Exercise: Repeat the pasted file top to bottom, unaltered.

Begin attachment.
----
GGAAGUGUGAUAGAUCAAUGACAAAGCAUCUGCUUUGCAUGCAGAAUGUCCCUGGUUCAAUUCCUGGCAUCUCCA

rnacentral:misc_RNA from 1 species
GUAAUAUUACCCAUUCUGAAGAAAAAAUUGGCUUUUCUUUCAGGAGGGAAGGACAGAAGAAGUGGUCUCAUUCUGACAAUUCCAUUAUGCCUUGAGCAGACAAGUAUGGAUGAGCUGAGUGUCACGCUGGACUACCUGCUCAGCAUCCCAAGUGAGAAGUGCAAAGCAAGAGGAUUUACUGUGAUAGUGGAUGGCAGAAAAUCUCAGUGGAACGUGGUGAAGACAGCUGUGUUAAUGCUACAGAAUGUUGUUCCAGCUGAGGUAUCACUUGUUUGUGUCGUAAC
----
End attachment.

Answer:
GGAAGUGUGAUAGAUCAAUGACAAAGCAUCUGCUUUGCAUGCAGAAUGUCCCUGGUUCAAUUCCUGGCAUCUCCA

rnacentral:misc_RNA from 1 species
GUAAUAUUACCCAUUCUGAAGAAAAAAUUGGCUUUUCUUUCAGGAGGGAAGGACAGAAGAAGUGGUCUCAUUCUGACAAUUCCAUUAUGCCUUGAGCAGACAAGUAUGGAUGAGCUGAGUGUCACGCUGGACUACCUGCUCAGCAUCCCAAGUGAGAAGUGCAAAGCAAGAGGAUUUACUGUGAUAGUGGAUGGCAGAAAAUCUCAGUGGAACGUGGUGAAGACAGCUGUGUUAAUGCUACAGAAUGUUGUUCCAGCUGAGGUAUCACUUGUUUGUGUCGUAAC